Robert Brown, Head of Public Affairs and Government Relations, TuSimple

Connecting Education to the Workforce Through Apprenticeships
STRAND: Work-Based Learning
As part of broad workforce development initiatives, states rely on apprenticeships as one way to meet workforce demand. According to a 50-state comparison conducted by Education Commission of the States, only nine states and the District of Columbia require, at the state level, training to take place within postsecondary education institutions. This session explores key state examples of how postsecondary institutions create on-ramps to employment through apprenticeships.
Lexi Anderson, Assistant Director, Education Commission of the States, CO
Tom Keily, Policy Analyst, Education Commission of the States, CO

An Innovative and Replicable Competency-Based Pathway to Student Success
STRAND: Expanding Pathways
This session will share our innovative and replicable pathway to increase the number of students who complete a certificate or higher credential in information technology (IT) and related workforce disciplines, based on competency-based courses and a registered apprenticeship model. In particular, we will describe how students benefit from three mutually reinforcing aspects of this program: on-the-job training and compensation; CBE course work that is accessible, accelerated, and affordable; and fully dedicated counseling and advisement personnel. Please join us to learn more about this dynamic and exciting program and how you can implement it on your campus.
Kevin Peek, TAB CBE Grants Director and Professor of Economics, South Texas College

Breaking Pandora's Box: Taking A Chance On You!
STRAND: Work-Based Learning
We often tailor our education, careers and most importantly ourselves to outside influences. Factors influencing our behavior, what to wear, and how to think, result in a lifestyle built by the standards of others. But what we took a chance on ourselves and ignited our own fire? Unleashing Pandora’s Box means to understand your natural born gifts to empower yourself and others through, creativity, risk taking and determination. Coined by Dethra Giles, Employeepreneurs build their careers based upon their unique talents by capitalizing in four areas to create their own paths and opportunities. This workshop will help attendees develop self-awareness, discovery of talents and create a euphoric workspace.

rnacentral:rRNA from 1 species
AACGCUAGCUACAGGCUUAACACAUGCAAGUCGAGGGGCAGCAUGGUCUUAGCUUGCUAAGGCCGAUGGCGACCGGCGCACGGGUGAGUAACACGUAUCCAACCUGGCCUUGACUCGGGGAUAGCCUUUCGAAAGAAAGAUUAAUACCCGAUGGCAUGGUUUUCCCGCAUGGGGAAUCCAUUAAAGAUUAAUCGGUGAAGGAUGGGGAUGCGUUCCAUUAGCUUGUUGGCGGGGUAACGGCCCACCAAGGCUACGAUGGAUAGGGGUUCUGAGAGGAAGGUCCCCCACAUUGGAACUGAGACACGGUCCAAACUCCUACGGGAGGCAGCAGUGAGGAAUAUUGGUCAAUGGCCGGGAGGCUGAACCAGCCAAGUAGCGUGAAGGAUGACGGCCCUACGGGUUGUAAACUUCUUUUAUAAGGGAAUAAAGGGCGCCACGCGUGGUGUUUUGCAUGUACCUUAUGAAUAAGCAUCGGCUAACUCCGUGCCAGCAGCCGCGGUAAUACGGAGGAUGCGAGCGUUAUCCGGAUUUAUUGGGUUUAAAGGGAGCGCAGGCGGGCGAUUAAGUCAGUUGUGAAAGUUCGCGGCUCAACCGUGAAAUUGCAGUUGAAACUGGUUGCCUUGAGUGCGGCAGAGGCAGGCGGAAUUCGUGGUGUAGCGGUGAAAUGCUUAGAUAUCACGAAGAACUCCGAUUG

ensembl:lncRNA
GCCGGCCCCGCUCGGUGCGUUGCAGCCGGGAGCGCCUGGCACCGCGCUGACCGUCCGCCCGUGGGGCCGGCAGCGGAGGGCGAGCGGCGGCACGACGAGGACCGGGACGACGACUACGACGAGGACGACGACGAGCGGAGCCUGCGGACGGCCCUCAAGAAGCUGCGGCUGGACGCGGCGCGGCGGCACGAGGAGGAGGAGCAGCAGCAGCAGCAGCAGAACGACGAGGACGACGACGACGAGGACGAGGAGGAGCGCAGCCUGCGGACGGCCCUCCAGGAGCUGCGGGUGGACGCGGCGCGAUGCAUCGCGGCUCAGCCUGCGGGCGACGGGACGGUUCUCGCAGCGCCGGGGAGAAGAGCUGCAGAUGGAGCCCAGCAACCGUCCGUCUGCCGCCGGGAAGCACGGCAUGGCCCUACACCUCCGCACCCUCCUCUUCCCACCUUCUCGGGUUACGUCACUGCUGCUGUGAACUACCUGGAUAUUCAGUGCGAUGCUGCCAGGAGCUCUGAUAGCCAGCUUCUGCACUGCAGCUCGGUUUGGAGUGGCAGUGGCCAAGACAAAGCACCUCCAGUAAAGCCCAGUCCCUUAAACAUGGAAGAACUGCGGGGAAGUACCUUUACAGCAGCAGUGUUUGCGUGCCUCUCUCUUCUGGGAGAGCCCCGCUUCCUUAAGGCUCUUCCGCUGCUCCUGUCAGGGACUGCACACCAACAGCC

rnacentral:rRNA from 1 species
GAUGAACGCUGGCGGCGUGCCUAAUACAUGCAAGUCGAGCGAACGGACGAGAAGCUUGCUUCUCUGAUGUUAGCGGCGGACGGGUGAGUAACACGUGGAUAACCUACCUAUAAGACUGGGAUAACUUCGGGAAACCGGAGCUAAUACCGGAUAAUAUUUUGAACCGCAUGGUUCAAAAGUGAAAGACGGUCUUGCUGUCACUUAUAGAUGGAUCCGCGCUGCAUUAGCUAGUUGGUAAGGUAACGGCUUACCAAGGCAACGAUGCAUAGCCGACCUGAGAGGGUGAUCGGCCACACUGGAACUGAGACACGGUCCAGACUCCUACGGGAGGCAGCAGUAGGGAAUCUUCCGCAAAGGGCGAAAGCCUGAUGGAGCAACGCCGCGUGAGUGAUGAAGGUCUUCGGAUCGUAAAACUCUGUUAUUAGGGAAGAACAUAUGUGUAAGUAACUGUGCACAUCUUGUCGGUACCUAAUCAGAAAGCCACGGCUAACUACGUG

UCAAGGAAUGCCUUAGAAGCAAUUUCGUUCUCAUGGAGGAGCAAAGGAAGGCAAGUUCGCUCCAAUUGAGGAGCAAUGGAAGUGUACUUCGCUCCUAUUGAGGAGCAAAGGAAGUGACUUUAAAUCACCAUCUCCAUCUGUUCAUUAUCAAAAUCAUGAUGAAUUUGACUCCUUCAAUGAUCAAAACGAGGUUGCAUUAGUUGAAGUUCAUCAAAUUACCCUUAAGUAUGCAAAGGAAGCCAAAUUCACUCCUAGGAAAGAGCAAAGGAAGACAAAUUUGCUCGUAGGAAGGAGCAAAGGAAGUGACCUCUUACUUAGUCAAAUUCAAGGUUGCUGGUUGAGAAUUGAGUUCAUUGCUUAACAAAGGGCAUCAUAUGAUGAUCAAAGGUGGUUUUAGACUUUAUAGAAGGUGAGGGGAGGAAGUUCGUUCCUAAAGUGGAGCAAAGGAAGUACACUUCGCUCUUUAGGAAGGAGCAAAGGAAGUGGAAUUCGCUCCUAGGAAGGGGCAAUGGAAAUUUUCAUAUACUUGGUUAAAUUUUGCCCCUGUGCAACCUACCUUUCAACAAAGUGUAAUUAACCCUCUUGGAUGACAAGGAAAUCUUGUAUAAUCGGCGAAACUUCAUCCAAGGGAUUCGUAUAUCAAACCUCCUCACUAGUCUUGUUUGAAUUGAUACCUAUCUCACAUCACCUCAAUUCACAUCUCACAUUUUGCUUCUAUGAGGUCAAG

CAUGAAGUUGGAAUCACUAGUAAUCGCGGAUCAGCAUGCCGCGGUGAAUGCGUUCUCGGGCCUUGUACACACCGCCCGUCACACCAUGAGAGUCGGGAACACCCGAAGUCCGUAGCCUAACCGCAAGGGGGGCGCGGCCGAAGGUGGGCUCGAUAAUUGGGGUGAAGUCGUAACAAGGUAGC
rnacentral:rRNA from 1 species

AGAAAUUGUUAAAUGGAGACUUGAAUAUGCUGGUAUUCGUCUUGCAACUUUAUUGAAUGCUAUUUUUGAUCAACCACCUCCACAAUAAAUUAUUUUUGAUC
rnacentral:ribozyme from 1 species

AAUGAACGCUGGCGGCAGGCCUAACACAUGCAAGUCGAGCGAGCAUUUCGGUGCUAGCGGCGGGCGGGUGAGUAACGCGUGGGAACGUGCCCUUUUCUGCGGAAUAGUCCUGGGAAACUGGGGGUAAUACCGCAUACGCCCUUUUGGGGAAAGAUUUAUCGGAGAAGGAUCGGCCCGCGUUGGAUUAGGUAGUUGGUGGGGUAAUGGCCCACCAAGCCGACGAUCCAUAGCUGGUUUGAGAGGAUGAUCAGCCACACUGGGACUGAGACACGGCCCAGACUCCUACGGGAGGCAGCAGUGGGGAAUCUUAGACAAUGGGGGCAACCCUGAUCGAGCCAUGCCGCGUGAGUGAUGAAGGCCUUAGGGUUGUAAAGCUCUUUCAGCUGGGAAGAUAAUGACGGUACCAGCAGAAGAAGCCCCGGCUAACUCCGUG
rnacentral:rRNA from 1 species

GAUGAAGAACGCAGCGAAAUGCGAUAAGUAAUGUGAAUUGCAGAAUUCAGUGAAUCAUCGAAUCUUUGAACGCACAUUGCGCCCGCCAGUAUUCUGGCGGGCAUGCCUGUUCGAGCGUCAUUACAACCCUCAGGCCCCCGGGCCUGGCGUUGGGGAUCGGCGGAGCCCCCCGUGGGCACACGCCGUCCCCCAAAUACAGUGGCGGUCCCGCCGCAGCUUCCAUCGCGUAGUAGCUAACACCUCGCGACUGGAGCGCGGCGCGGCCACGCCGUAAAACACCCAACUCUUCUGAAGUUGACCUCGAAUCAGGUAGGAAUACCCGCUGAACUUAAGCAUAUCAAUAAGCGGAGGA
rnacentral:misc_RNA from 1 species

Crystal Waye, Program Director Human Resource Management Degree, Columbus Technical College, SC

A Perfect Marriage: Integrated Education and Workforce Training for ELL Populations
STRAND: Expanding Pathways
Part of Metropolitan Community College’s Adult Basic Education best practices has been to build relationships with students right from the beginning of their educational journey. Learn how embedding career skill coaches into our program has increased student engagement and program completion.
Lyndsie Gibbs, Manager of Career Placement, Metropolitan Community College, NE
Tammy Green, Director of Workforce and IT Innovation Career Skills and Adult Education, Metropolitan Community College, NE
Sarah Larsen, Manager of Adult Basic Education, Metropolitan Community College, NE

AACC Affiliate Council
Career Opportunities
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Featured Workforce Publication
From The National
Skills Coalition